Smoke point

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The smoke point of an oil or fat is the temperature at which, under defined conditions, enough volatile compounds emerge when a bluish smoke becomes clearly visible from the oil. At this temperature, volatile compounds, such as free fatty acids, and short-chain degradation products of oxidation come up from the oil. These volatile compounds degrade in air to give soot. The smoke point indicates the temperature limit up to which that cooking oil can be used.[1]

The smoke point correlates with the amount of free fatty acid in an oil.[1] It varies widely, depending on origin and refinement.[2] The smoke point of an oil does tend to increase as free fatty acid content decreases and degree of refinement increases.[3][4] Heating the oil produces free fatty acid and as this heating time increases, more free fatty acids are produced, thereby decreasing smoke point. It is one reason not to use the same oil to deep fry more than twice.[2] Intermittent frying has a markedly greater effect on oil deterioration than continuous frying.[5]

Considerably above the temperature of the smoke point is the flash point, the point at which the vapours from the oil can first ignite when mixed with air.

The following table presents smoke points of various fats:

Fat Quality Smoke Point
Almond oil 216°C[citation needed] 420°F
Avocado oil 270°C 520°F[6][7]
Butter 150°C 302°F[8]
Canola oil (Rapeseed) Expeller Press 190-232°C 375-450°F[9]
Canola oil (Rapeseed) High Oleic 246°C[citation needed] 475°F
Canola oil (Rapeseed) Refined 204°C[2] 400°F
Canola oil (Rapeseed) Unrefined 107°C[2] 225°F
Castor oil Refined 200°C[10] 392°F
Coconut oil Dry Expeller Pressed Virgin (Unrefined) 177°C 350°F[11]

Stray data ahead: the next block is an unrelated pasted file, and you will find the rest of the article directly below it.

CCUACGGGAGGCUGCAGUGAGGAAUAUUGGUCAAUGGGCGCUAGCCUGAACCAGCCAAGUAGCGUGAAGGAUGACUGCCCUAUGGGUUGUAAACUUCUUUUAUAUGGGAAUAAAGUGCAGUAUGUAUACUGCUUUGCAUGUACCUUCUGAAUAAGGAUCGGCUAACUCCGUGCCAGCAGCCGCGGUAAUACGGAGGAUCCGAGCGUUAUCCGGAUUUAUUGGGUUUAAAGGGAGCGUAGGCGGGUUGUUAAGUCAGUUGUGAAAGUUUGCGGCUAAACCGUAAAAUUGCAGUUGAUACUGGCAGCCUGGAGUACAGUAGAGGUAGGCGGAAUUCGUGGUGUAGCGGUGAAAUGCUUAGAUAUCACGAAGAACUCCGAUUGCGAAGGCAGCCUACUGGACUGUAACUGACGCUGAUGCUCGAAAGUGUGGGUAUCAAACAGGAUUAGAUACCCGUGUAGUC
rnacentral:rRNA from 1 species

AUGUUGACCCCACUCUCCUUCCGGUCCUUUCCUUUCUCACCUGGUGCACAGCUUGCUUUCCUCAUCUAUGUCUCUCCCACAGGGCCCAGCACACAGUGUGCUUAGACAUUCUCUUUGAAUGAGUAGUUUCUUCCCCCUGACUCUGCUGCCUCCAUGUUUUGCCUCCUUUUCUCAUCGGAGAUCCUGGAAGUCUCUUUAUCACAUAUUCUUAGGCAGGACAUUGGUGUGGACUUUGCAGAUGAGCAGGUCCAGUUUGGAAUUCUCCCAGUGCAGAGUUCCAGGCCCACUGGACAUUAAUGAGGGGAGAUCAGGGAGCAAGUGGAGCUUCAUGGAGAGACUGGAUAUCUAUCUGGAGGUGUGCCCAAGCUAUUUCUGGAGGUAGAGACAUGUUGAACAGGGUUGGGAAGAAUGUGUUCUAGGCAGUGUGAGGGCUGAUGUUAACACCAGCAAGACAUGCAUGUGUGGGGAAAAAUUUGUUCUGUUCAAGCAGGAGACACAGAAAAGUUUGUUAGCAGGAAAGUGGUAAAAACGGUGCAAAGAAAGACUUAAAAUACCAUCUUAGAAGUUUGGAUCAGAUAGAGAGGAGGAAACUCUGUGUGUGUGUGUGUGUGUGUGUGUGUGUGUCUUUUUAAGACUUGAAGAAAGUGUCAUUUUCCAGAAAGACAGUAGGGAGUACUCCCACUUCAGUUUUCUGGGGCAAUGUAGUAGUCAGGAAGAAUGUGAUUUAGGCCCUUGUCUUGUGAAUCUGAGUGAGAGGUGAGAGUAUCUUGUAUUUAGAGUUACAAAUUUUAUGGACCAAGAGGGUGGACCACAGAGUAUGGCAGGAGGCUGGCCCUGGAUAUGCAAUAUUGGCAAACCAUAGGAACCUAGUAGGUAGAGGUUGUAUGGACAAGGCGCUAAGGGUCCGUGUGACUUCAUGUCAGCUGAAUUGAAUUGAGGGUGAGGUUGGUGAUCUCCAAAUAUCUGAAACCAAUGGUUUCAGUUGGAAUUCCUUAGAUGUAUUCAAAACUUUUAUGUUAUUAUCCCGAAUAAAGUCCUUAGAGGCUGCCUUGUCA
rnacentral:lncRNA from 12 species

Coconut oil Dry Refined 204°C 400°F[12]
Corn oil Unrefined 178°C[10] 352°F
Corn oil Refined 232°C[2] 450°F
Cottonseed oil 216°C[2] 420°F
Flaxseed oil Unrefined 107°C 225°F[13]
Ghee (Indian Clarified Butter) 252°C[citation needed] 485°F
Grapeseed oil 216°C[citation needed] 420°F
Hazelnut oil 221°C[citation needed] 430°F
Hemp oil 165°C[citation needed] 330°F
Lard 190°C 374°F[8]
Macadamia oil 210°C[citation needed] 413°F
Mustard oil 254°C[citation needed] 489°F
Olive oil Extra virgin 160°C 320°F[6][7]
Olive oil Virgin 199°C[10] 391°F
Olive oil, high quality (low acidity) Extra virgin 207°C[citation needed] 405°F
Olive Pomace Oil 238°C[2] 460°F
Palm oil Difractionated 235°C[14] 455°F
Peanut oil Unrefined 160°C[citation needed] 320°F
Peanut oil Refined 232°C[2] 450°F
Rice bran oil 254°C[citation needed] 490°F
Safflower oil Unrefined 107°C[citation needed] 225°F
Safflower oil Semirefined 160°C[citation needed] 320°F
Safflower oil Refined 266°C[2] 510°F
Sesame oil Unrefined 177°C 350°F[15]
Sesame oil Semirefined 232°C 450°F[16]
Soybean oil Unrefined 160°C[citation needed] 320°F
Soybean oil Semirefined 177°C[citation needed] 350°F
Soybean oil Refined 238°C[2] 460°F
Sunflower oil Unrefined 107°C[citation needed] 225°F
Sunflower oil Semirefined 232°C[citation needed] 450°F
Sunflower oil Refined 227°C[2] 440°F
Sunflower oil, high oleic Unrefined 160°C[citation needed] 320°F
Tallow (Beef) 215°C[citation needed] 420°F
Tea seed oil 252°C[citation needed] 485°F
Vegetable shortening 182°C[citation needed] 360°F
Walnut oil Unrefined 160°C[citation needed] 320°F
Walnut oil Semirefined 204°C[citation needed] 400°F

See also[edit]


  1. ^ a b Alfred Thomas (2002). "Fats and Fatty Oils". Ullmann's Encyclopedia of Industrial Chemistry. Ullmann's Encyclopedia of Industrial Chemistry. Weinheim: Wiley-VCH. doi:10.1002/14356007.a10_173. ISBN 3-527-30673-0. 
  2. ^ a b c d e f g h i j k Wolke, Robert L. (May 16, 2007). "Where There's Smoke, There's a Fryer". The Washington Post. Retrieved March 5, 2011. 
  3. ^ Morgan, D. A. (1942). "Smoke, fire, and flash points of cottonseed, peanut, and other vegetable oils". Oil & Soap 19 (11): 193. doi:10.1007/BF02545481. 
  4. ^ Bockisch, Michael (1998). Fats and Oils Handbook. Champaign, IL: AOCS Press. pp. 95–6. ISBN 0-935315-82-9. 
  5. ^ Amit K. Das, et al,
  6. ^ a b "Smoking Points of Fats and Oils."
  7. ^ a b
  8. ^ a b The Culinary Institute of America (2011). The Professional Chef (9th ed.). Hoboken, New Jersey: John Wiley & Sons. ISBN 978-0-470-42135-2. OCLC 707248142.
  9. ^ Spectrum Organics, Canola Oil Manufacturer,
  10. ^ a b c Detwiler, S. B.; Markley, K. S. (1940). "Smoke, flash, and fire points of soybean and other vegetable oils". Oil & Soap 17 (2): 39–40. doi:10.1007/BF02543003. 
  11. ^ Nutiva, Coconut Oil Manufacturer,
  12. ^ Nutiva, Coconut Oil Manufacturer,
  13. ^ "Healthiest Cooking Oil Chart with Smoke Points."
  14. ^ (Italian) Scheda tecnica dell'olio di palma bifrazionato PO 64.
  15. ^
  16. ^